In this edition, we look at the government's consultation on whether the enterprise management incentive (EMI) scheme should be extended to include more companies. More widely, the case for expansion of employee share ownership in the UK is set out in a recent report that highlights the role employee share plans can play in the recovery from the coronavirus pandemic.
We also include a reminder about the employment-related securities HMRC annual returns deadline of 6 July 2021.
We hope that you find this update helpful. If you would like to discuss any of the issues raised, please let us know. Our contact details are set out below.
Annual returns for employment-related securities | deadline 6 July 2021
The deadline for submitting annual returns to HMRC in respect of employment-related security arrangements for the tax year ending 5 April 2021 is 6 July 2021. Action should be taken soon if you have not started to gather together the necessary information.
EMI options | call for evidence
As announced by the chancellor in the Spring Budget 2021, the government is seeking views on how the EMI scheme is operating and whether it should be extended to include more companies.
We are responding to the consultation, to express our support for the expansion of the EMI regime to ensure that all small and medium-sized enterprises (SMEs) and high-growth companies qualify to grant EMI options. The legislation currently contains some anomalies which mean that some companies that would ordinarily be viewed as SMEs do not qualify. It would be helpful for changes to be made to ensure that the scheme extends to all such companies and operates efficiently. .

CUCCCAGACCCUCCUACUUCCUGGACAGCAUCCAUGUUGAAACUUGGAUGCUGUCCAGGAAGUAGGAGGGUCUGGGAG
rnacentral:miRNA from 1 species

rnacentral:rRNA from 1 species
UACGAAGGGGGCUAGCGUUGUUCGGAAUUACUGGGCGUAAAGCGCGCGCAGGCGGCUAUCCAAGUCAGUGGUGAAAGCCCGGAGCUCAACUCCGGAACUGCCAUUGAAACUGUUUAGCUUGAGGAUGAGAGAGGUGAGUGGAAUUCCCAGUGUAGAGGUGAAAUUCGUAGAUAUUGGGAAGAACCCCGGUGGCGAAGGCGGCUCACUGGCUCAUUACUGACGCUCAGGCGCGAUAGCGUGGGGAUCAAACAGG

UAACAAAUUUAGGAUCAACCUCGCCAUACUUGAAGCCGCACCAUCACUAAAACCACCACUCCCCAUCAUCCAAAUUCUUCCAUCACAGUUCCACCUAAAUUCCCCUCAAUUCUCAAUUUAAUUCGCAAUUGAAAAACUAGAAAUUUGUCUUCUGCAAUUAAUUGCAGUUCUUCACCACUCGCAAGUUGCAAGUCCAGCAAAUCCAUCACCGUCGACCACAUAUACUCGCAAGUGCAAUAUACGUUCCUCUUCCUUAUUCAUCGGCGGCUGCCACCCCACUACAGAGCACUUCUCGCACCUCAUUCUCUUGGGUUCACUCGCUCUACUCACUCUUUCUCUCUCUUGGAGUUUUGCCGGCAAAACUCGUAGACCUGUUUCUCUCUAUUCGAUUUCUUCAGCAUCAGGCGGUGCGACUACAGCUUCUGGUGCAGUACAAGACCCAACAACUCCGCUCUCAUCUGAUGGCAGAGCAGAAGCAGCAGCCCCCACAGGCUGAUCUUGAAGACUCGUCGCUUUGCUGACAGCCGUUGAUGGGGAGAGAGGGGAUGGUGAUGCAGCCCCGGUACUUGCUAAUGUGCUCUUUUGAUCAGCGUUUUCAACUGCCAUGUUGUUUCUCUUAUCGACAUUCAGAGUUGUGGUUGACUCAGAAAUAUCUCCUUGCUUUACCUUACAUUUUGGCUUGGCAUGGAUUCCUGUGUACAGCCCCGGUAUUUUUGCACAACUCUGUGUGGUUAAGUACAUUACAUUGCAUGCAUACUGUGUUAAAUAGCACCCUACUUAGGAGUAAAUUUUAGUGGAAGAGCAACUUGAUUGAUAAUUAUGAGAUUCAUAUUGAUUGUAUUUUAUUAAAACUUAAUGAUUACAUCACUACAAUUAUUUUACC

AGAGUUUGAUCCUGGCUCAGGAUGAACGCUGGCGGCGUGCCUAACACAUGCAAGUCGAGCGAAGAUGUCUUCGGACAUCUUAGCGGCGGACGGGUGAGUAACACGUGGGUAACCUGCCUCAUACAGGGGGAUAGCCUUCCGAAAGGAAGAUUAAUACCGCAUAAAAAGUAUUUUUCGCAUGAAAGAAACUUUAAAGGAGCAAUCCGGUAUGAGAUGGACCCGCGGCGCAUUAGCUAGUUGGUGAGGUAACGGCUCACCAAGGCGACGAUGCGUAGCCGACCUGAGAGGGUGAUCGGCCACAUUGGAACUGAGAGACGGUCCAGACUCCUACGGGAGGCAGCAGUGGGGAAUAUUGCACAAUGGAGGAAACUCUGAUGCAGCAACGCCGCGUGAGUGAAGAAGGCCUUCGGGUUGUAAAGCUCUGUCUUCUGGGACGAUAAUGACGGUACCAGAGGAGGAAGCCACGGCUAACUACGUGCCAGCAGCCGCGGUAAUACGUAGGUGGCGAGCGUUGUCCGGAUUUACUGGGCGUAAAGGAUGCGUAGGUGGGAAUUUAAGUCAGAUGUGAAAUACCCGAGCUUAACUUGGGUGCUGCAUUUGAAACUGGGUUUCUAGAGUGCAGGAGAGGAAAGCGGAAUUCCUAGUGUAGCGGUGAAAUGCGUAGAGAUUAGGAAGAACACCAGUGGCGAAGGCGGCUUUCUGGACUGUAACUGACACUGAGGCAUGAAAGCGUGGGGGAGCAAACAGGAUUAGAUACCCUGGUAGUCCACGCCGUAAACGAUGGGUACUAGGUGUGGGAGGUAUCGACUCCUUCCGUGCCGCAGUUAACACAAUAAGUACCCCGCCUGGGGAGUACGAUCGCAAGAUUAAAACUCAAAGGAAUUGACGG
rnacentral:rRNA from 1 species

A stake in success | new report highlights the benefits of employee share ownership
On 4 May 2021, the Social Market Foundation published "A stake in success: Employee share ownership and the post-Covid economy".
The report sets out the case for an expansion of employee share ownership in the UK, and for the share ownership agenda to form a key part of a “fair and strong economic recovery” narrative as we emerge from the coronavirus crisis.
Corporate governance | proposed executive remuneration reforms
On 18 March 2021, the Department for Business, Energy and Industrial Strategy (BEIS) released a consultation on the government’s proposals for restoring trust in audit and corporate governance.
In relation to executive remuneration, one of the most significant proposals is to strengthen the ability of companies to recover remuneration already paid to directors or to withhold pending awards where there has been failure. It will do this by initially asking the regulator to consult on changes to the UK Corporate Governance Code to include provisions which recommend that certain minimum clawback conditions or "trigger points" are included in directors’ remuneration arrangements and that these have a minimum period of application of at least two years after an award is made.